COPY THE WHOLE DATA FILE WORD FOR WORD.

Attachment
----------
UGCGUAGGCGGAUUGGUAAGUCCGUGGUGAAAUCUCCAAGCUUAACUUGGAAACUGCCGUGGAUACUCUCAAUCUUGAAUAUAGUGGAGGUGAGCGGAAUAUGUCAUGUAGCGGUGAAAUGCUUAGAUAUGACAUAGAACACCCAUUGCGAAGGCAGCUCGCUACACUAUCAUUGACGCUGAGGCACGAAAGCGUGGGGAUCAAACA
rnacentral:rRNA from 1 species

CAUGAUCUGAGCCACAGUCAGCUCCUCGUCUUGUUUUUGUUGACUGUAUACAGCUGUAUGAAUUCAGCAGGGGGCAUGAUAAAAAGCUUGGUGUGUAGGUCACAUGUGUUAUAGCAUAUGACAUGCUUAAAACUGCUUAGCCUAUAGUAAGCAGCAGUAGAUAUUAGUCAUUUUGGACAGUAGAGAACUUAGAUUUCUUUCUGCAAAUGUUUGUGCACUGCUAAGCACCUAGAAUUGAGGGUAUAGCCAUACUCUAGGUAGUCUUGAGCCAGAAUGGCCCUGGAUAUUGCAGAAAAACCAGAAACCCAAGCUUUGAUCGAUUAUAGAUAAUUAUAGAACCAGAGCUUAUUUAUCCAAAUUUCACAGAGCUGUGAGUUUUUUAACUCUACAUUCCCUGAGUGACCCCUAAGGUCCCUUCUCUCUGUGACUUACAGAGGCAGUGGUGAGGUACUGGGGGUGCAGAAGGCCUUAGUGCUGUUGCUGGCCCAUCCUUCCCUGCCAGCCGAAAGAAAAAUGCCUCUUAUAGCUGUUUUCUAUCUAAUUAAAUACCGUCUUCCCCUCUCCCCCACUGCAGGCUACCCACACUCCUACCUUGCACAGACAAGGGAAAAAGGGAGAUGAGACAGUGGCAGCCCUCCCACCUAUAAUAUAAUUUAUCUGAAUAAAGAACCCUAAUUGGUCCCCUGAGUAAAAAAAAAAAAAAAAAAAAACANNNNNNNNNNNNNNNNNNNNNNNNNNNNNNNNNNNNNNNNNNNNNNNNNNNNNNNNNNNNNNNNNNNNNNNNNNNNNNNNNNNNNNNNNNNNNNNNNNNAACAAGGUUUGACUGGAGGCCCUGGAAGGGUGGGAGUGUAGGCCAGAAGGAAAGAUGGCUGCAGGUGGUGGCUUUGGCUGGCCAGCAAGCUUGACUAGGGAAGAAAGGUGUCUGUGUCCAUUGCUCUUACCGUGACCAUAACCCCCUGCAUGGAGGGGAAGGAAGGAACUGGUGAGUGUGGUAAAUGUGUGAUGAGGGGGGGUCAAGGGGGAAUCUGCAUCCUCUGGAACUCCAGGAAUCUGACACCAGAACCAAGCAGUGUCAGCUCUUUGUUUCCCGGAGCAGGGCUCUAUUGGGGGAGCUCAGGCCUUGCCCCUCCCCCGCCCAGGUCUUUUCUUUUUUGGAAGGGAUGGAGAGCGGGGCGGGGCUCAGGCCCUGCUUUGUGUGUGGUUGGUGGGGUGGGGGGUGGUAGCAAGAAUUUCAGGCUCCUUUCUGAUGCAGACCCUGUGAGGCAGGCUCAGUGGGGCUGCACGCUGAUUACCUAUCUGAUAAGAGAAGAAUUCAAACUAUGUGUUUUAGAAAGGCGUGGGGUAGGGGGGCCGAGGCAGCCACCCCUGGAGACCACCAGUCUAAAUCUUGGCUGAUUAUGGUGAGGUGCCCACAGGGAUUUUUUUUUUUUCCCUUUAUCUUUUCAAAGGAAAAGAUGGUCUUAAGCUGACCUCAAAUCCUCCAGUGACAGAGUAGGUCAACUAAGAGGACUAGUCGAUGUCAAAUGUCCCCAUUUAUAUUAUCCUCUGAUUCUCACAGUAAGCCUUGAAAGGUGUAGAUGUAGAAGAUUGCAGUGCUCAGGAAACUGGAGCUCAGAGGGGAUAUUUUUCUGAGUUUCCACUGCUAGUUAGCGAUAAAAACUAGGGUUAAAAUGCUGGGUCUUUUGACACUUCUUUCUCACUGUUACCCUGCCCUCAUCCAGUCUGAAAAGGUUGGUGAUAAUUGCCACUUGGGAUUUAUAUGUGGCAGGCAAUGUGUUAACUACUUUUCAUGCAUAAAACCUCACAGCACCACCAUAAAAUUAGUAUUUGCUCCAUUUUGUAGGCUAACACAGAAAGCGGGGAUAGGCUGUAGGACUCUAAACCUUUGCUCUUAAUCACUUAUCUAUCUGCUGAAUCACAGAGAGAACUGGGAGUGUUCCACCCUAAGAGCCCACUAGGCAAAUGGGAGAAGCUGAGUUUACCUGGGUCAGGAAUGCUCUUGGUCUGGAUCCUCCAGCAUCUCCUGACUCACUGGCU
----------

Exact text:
UGCGUAGGCGGAUUGGUAAGUCCGUGGUGAAAUCUCCAAGCUUAACUUGGAAACUGCCGUGGAUACUCUCAAUCUUGAAUAUAGUGGAGGUGAGCGGAAUAUGUCAUGUAGCGGUGAAAUGCUUAGAUAUGACAUAGAACACCCAUUGCGAAGGCAGCUCGCUACACUAUCAUUGACGCUGAGGCACGAAAGCGUGGGGAUCAAACA
rnacentral:rRNA from 1 species

CAUGAUCUGAGCCACAGUCAGCUCCUCGUCUUGUUUUUGUUGACUGUAUACAGCUGUAUGAAUUCAGCAGGGGGCAUGAUAAAAAGCUUGGUGUGUAGGUCACAUGUGUUAUAGCAUAUGACAUGCUUAAAACUGCUUAGCCUAUAGUAAGCAGCAGUAGAUAUUAGUCAUUUUGGACAGUAGAGAACUUAGAUUUCUUUCUGCAAAUGUUUGUGCACUGCUAAGCACCUAGAAUUGAGGGUAUAGCCAUACUCUAGGUAGUCUUGAGCCAGAAUGGCCCUGGAUAUUGCAGAAAAACCAGAAACCCAAGCUUUGAUCGAUUAUAGAUAAUUAUAGAACCAGAGCUUAUUUAUCCAAAUUUCACAGAGCUGUGAGUUUUUUAACUCUACAUUCCCUGAGUGACCCCUAAGGUCCCUUCUCUCUGUGACUUACAGAGGCAGUGGUGAGGUACUGGGGGUGCAGAAGGCCUUAGUGCUGUUGCUGGCCCAUCCUUCCCUGCCAGCCGAAAGAAAAAUGCCUCUUAUAGCUGUUUUCUAUCUAAUUAAAUACCGUCUUCCCCUCUCCCCCACUGCAGGCUACCCACACUCCUACCUUGCACAGACAAGGGAAAAAGGGAGAUGAGACAGUGGCAGCCCUCCCACCUAUAAUAUAAUUUAUCUGAAUAAAGAACCCUAAUUGGUCCCCUGAGUAAAAAAAAAAAAAAAAAAAAACANNNNNNNNNNNNNNNNNNNNNNNNNNNNNNNNNNNNNNNNNNNNNNNNNNNNNNNNNNNNNNNNNNNNNNNNNNNNNNNNNNNNNNNNNNNNNNNNNNNAACAAGGUUUGACUGGAGGCCCUGGAAGGGUGGGAGUGUAGGCCAGAAGGAAAGAUGGCUGCAGGUGGUGGCUUUGGCUGGCCAGCAAGCUUGACUAGGGAAGAAAGGUGUCUGUGUCCAUUGCUCUUACCGUGACCAUAACCCCCUGCAUGGAGGGGAAGGAAGGAACUGGUGAGUGUGGUAAAUGUGUGAUGAGGGGGGGUCAAGGGGGAAUCUGCAUCCUCUGGAACUCCAGGAAUCUGACACCAGAACCAAGCAGUGUCAGCUCUUUGUUUCCCGGAGCAGGGCUCUAUUGGGGGAGCUCAGGCCUUGCCCCUCCCCCGCCCAGGUCUUUUCUUUUUUGGAAGGGAUGGAGAGCGGGGCGGGGCUCAGGCCCUGCUUUGUGUGUGGUUGGUGGGGUGGGGGGUGGUAGCAAGAAUUUCAGGCUCCUUUCUGAUGCAGACCCUGUGAGGCAGGCUCAGUGGGGCUGCACGCUGAUUACCUAUCUGAUAAGAGAAGAAUUCAAACUAUGUGUUUUAGAAAGGCGUGGGGUAGGGGGGCCGAGGCAGCCACCCCUGGAGACCACCAGUCUAAAUCUUGGCUGAUUAUGGUGAGGUGCCCACAGGGAUUUUUUUUUUUUCCCUUUAUCUUUUCAAAGGAAAAGAUGGUCUUAAGCUGACCUCAAAUCCUCCAGUGACAGAGUAGGUCAACUAAGAGGACUAGUCGAUGUCAAAUGUCCCCAUUUAUAUUAUCCUCUGAUUCUCACAGUAAGCCUUGAAAGGUGUAGAUGUAGAAGAUUGCAGUGCUCAGGAAACUGGAGCUCAGAGGGGAUAUUUUUCUGAGUUUCCACUGCUAGUUAGCGAUAAAAACUAGGGUUAAAAUGCUGGGUCUUUUGACACUUCUUUCUCACUGUUACCCUGCCCUCAUCCAGUCUGAAAAGGUUGGUGAUAAUUGCCACUUGGGAUUUAUAUGUGGCAGGCAAUGUGUUAACUACUUUUCAUGCAUAAAACCUCACAGCACCACCAUAAAAUUAGUAUUUGCUCCAUUUUGUAGGCUAACACAGAAAGCGGGGAUAGGCUGUAGGACUCUAAACCUUUGCUCUUAAUCACUUAUCUAUCUGCUGAAUCACAGAGAGAACUGGGAGUGUUCCACCCUAAGAGCCCACUAGGCAAAUGGGAGAAGCUGAGUUUACCUGGGUCAGGAAUGCUCUUGGUCUGGAUCCUCCAGCAUCUCCUGACUCACUGGCU